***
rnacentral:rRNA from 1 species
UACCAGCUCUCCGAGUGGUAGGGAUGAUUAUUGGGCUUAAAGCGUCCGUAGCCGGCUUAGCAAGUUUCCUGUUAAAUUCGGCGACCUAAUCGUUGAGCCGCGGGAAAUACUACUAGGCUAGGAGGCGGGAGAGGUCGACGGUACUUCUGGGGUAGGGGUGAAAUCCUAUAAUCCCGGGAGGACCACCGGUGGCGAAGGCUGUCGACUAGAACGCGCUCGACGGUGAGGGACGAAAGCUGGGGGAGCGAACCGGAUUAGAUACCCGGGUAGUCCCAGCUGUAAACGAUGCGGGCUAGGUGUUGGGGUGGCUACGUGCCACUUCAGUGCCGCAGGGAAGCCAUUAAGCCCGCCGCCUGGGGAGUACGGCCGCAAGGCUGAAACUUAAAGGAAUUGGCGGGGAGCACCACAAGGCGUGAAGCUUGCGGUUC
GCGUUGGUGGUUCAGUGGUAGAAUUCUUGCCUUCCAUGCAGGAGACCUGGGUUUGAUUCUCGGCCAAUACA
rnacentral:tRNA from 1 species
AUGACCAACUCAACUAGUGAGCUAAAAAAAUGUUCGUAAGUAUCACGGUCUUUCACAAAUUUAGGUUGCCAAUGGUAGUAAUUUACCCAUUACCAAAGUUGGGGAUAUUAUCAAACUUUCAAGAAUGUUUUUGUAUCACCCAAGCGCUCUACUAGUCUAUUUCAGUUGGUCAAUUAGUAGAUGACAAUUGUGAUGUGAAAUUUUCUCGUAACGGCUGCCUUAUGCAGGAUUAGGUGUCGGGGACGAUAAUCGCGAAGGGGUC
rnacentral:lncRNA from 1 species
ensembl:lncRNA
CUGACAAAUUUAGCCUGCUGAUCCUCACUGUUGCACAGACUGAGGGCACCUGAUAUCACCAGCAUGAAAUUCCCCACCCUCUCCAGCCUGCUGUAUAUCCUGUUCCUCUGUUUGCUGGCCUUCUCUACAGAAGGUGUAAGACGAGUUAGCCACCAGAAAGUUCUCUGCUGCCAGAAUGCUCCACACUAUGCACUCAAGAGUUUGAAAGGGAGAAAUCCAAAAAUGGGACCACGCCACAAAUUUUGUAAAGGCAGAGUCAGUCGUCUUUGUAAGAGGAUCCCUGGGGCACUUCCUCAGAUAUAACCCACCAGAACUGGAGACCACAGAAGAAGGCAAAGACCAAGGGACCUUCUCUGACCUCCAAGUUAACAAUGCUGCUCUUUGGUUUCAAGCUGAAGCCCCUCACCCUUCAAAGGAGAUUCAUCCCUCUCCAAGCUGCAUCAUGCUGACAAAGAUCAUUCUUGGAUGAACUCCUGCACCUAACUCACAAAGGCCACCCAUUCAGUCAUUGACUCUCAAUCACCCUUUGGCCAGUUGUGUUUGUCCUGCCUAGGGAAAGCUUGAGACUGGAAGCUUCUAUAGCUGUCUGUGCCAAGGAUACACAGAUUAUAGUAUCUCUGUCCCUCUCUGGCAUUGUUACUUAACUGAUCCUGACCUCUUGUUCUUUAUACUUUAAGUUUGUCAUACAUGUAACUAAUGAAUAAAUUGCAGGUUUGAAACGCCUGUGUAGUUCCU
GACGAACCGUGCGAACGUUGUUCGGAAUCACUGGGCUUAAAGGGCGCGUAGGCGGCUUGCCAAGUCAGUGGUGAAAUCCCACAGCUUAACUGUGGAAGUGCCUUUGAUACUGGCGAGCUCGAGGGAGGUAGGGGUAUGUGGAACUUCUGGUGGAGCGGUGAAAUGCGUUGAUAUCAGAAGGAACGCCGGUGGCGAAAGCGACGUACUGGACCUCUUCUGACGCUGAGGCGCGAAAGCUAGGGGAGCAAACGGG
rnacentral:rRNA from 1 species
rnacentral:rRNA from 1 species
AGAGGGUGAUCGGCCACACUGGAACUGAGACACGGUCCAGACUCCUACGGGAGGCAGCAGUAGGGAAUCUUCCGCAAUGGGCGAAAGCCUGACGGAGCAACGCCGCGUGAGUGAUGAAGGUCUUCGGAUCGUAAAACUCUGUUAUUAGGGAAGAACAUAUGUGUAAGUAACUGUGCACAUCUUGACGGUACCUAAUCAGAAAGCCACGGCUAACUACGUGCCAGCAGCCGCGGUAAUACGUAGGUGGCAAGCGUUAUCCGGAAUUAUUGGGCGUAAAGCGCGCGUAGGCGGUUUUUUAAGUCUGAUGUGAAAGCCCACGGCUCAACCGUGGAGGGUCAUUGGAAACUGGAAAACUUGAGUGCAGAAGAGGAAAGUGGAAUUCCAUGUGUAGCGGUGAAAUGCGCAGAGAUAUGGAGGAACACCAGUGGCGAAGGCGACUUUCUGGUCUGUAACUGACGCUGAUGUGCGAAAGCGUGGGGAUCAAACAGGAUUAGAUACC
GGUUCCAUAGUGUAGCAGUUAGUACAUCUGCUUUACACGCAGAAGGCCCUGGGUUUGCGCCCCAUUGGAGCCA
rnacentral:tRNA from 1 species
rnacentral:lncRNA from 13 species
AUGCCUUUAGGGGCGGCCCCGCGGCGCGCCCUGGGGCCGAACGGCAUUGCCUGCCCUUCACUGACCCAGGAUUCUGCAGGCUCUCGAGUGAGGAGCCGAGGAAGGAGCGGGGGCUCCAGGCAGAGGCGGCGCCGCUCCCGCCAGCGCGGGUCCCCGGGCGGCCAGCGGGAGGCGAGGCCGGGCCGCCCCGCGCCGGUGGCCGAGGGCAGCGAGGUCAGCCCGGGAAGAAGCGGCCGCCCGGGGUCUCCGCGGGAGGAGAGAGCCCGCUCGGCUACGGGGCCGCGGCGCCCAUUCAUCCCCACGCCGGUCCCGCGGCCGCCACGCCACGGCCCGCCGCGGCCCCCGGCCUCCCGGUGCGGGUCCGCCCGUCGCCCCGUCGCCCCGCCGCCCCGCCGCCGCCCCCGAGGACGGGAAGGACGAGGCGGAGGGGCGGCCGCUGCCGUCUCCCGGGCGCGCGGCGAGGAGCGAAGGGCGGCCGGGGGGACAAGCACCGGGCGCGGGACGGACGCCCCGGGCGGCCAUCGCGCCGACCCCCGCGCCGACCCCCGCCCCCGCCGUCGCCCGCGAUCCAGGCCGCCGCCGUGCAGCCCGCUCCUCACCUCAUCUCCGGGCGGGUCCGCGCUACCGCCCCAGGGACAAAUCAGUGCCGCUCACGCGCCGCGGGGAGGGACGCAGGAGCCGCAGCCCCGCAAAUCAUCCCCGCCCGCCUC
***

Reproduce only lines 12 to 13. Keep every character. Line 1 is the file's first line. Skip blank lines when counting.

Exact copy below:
AGAGGGUGAUCGGCCACACUGGAACUGAGACACGGUCCAGACUCCUACGGGAGGCAGCAGUAGGGAAUCUUCCGCAAUGGGCGAAAGCCUGACGGAGCAACGCCGCGUGAGUGAUGAAGGUCUUCGGAUCGUAAAACUCUGUUAUUAGGGAAGAACAUAUGUGUAAGUAACUGUGCACAUCUUGACGGUACCUAAUCAGAAAGCCACGGCUAACUACGUGCCAGCAGCCGCGGUAAUACGUAGGUGGCAAGCGUUAUCCGGAAUUAUUGGGCGUAAAGCGCGCGUAGGCGGUUUUUUAAGUCUGAUGUGAAAGCCCACGGCUCAACCGUGGAGGGUCAUUGGAAACUGGAAAACUUGAGUGCAGAAGAGGAAAGUGGAAUUCCAUGUGUAGCGGUGAAAUGCGCAGAGAUAUGGAGGAACACCAGUGGCGAAGGCGACUUUCUGGUCUGUAACUGACGCUGAUGUGCGAAAGCGUGGGGAUCAAACAGGAUUAGAUACC
GGUUCCAUAGUGUAGCAGUUAGUACAUCUGCUUUACACGCAGAAGGCCCUGGGUUUGCGCCCCAUUGGAGCCA